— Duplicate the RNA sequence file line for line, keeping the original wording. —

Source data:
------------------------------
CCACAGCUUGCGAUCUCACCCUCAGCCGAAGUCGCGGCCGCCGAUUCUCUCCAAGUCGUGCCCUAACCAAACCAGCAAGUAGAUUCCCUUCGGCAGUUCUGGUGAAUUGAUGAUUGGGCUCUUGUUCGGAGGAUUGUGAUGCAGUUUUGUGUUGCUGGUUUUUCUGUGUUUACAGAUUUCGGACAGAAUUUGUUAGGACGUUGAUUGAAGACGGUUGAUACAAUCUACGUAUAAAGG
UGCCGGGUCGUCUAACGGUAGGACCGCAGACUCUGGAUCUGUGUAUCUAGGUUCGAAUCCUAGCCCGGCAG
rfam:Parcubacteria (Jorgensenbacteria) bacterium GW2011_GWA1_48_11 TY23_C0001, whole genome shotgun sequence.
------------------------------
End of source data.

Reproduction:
CCACAGCUUGCGAUCUCACCCUCAGCCGAAGUCGCGGCCGCCGAUUCUCUCCAAGUCGUGCCCUAACCAAACCAGCAAGUAGAUUCCCUUCGGCAGUUCUGGUGAAUUGAUGAUUGGGCUCUUGUUCGGAGGAUUGUGAUGCAGUUUUGUGUUGCUGGUUUUUCUGUGUUUACAGAUUUCGGACAGAAUUUGUUAGGACGUUGAUUGAAGACGGUUGAUACAAUCUACGUAUAAAGG
UGCCGGGUCGUCUAACGGUAGGACCGCAGACUCUGGAUCUGUGUAUCUAGGUUCGAAUCCUAGCCCGGCAG
rfam:Parcubacteria (Jorgensenbacteria) bacterium GW2011_GWA1_48_11 TY23_C0001, whole genome shotgun sequence.